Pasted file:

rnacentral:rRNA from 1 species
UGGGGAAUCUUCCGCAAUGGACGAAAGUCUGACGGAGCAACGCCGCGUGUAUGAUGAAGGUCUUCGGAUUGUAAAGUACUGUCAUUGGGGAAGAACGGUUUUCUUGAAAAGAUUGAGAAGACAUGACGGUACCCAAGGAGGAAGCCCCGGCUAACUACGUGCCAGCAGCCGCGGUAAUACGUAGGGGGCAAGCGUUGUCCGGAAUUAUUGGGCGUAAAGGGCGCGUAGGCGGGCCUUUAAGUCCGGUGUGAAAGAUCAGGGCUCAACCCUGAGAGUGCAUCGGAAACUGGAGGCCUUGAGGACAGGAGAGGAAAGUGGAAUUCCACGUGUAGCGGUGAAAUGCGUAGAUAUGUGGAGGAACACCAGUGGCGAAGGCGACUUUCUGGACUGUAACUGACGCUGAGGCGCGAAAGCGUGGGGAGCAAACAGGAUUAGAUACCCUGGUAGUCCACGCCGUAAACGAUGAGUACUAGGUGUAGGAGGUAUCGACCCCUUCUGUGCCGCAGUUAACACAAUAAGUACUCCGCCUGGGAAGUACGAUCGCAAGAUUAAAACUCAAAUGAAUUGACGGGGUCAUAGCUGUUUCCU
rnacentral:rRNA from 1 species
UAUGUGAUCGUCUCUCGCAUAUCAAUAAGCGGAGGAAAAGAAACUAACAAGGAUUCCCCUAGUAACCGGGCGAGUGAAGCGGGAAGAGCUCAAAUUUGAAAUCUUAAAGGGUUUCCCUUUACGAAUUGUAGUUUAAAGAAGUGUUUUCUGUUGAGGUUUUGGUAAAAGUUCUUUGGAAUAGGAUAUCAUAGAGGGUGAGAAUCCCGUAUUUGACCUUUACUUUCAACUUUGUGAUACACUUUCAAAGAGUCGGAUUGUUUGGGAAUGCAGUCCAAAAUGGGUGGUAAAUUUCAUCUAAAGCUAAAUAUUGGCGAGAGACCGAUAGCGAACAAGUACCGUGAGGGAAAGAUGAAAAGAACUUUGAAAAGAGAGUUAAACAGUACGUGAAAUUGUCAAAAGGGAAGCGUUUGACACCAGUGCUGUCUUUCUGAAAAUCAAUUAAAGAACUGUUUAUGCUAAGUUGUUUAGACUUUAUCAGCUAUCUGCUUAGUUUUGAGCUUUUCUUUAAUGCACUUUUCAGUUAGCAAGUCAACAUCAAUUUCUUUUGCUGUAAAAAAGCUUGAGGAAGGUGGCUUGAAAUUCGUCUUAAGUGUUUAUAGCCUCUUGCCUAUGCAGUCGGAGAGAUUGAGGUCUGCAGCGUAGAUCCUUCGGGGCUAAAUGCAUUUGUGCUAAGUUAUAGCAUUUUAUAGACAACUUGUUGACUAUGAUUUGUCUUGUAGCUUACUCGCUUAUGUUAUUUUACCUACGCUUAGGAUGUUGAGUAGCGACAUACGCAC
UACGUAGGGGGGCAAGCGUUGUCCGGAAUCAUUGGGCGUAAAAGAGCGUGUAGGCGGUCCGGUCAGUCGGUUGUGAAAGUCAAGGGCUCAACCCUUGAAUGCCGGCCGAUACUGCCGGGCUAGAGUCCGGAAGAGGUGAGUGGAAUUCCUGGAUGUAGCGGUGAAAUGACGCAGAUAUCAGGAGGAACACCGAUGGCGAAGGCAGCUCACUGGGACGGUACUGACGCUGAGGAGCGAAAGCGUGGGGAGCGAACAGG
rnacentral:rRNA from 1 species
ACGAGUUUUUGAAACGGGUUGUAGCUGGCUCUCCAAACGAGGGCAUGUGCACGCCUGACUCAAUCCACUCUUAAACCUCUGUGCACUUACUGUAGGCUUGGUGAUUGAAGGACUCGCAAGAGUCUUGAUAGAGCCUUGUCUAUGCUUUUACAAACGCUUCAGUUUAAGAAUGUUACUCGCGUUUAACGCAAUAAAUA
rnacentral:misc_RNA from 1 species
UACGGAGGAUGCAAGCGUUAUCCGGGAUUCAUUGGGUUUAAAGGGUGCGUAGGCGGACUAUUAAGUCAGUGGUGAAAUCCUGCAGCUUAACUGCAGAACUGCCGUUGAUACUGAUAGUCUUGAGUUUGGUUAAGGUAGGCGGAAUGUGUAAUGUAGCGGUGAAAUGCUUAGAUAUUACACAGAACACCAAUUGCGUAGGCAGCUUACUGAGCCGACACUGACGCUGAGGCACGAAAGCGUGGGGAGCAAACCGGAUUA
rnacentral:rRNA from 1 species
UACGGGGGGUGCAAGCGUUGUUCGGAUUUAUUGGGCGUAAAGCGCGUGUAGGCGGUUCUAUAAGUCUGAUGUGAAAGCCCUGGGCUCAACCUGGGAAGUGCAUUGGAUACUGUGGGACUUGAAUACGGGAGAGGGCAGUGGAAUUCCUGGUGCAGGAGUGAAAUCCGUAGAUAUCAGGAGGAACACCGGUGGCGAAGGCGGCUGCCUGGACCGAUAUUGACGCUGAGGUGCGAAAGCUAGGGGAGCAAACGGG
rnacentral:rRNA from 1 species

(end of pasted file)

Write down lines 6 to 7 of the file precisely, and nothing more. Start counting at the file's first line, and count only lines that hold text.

rnacentral:rRNA from 1 species
ACGAGUUUUUGAAACGGGUUGUAGCUGGCUCUCCAAACGAGGGCAUGUGCACGCCUGACUCAAUCCACUCUUAAACCUCUGUGCACUUACUGUAGGCUUGGUGAUUGAAGGACUCGCAAGAGUCUUGAUAGAGCCUUGUCUAUGCUUUUACAAACGCUUCAGUUUAAGAAUGUUACUCGCGUUUAACGCAAUAAAUA